'Smell like you are not homeless'

The document also offers guidance on how homeless prisoners can obtain and store food as they "might not be able to buy food and finding left-over food on the streets may not always work".

And, finally, it recommends that they might find it "easier to blend in" with the population.

"This may allow you to have access into shops, potential work opportunities and avoid conflict on the streets. If you look normal, act and smell like you are not homeless, people are more likely to be friendly towards you."


Some may view the advice in the document as invaluable given that over half of inmates do not have settled accommodation on release.

MoJ figures for 2020-21 show that one in eight former prisoners ended up homeless or sleeping rough - that's about 6,400 in one 12-month period.

But the former chief inspector of prisons, Nick Hardwick, says it was "wrong" to draw up the guidance.

"A prisoner leaving prison homeless is a failure, and providing advice about what someone should do in that situation does not mean a box can be ticked in any accommodation process," he says.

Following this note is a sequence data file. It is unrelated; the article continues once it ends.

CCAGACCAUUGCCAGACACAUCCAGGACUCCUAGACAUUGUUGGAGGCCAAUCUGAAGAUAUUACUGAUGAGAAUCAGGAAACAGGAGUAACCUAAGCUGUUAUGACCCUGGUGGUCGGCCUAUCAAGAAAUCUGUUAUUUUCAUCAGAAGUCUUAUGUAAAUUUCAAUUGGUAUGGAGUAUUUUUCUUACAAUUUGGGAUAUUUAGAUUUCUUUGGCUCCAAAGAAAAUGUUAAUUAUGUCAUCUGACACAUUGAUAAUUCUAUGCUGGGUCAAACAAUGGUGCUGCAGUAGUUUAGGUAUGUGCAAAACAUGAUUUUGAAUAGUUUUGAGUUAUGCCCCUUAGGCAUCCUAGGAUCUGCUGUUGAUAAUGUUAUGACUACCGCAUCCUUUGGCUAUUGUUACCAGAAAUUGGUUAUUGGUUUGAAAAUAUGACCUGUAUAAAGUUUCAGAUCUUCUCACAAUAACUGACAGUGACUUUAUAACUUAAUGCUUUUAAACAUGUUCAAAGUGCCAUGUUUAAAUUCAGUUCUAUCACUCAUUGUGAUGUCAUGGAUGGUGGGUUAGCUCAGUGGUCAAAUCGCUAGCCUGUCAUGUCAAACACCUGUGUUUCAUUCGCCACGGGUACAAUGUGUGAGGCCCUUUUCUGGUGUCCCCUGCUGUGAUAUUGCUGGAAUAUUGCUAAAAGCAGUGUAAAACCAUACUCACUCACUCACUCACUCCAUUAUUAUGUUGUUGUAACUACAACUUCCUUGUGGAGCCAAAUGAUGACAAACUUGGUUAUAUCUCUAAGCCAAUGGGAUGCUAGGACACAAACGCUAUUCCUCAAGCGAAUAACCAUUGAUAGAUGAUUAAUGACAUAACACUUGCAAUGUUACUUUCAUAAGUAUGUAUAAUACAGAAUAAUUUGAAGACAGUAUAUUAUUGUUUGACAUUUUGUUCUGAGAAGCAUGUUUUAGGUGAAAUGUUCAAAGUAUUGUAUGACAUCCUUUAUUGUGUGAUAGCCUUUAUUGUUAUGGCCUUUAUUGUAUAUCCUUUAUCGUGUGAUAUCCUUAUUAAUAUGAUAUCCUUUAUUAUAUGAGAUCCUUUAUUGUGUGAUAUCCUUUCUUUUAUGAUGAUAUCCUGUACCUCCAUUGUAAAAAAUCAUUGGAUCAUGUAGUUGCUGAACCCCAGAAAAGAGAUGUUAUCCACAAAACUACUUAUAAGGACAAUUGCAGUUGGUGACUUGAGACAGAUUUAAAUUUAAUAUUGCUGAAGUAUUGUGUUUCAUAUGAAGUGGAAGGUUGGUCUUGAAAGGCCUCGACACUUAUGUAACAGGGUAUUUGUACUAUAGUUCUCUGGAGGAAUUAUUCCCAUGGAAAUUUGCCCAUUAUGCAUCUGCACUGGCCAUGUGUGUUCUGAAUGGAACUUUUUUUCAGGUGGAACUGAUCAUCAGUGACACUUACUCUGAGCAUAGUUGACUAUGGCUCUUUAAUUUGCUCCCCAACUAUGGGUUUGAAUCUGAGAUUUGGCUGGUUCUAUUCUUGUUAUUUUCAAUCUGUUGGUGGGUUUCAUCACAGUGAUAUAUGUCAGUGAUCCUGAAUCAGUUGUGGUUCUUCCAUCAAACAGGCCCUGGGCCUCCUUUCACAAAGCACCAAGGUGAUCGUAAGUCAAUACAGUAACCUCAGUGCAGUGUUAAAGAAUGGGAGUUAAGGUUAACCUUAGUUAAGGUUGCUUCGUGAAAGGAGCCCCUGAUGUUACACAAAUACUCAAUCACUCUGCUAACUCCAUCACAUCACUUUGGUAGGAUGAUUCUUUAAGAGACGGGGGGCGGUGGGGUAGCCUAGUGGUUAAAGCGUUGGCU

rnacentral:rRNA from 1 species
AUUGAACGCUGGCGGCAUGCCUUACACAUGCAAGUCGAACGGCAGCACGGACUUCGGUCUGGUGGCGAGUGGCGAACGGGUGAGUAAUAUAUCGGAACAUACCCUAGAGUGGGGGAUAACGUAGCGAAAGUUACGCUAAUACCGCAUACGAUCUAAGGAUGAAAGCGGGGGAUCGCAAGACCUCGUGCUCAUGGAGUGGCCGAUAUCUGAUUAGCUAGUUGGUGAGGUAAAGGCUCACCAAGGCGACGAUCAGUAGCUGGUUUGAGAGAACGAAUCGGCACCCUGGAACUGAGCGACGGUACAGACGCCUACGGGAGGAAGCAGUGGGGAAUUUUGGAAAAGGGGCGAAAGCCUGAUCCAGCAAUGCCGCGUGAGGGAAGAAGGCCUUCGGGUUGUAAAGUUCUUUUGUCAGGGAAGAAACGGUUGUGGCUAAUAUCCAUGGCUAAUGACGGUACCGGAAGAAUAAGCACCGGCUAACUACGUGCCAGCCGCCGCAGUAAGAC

"In any case, prisons are not the best people to provide advice of this kind. If a failure like this does occur, the person concerned would be better directed to a homelessness agency," adds Hardwick, who was in charge of the homeless charity, Centrepoint, for nine years.

Just a draft

The 'Prepare for your future' guide, which was "co-produced by people with lived experience", does include phone numbers and contact details of support organisations. There is also information about health, employment, finances and substance misuse, and it is all written in a style which is easy to follow.

But the section for those who may be homeless is controversial - because of its candour. Although it says the aim is to help ex-offenders find accommodation - “we want you to have the best possible start" - the document acknowledges that it may not be possible. “The truth is that there is not enough housing for everyone and therefore there is a risk you could be released with nowhere to live."

When I first contacted the MoJ, which is responsible for prisons across England and Wales, it said the document was a draft copy which had not been sent out to jails. After I pointed out that the document had been distributed to prisons, the department said that it had been delivered only during the drafting process and had not been issued to prisoners. It said a final version had been produced which does not include practical tips for those who have to live on the streets.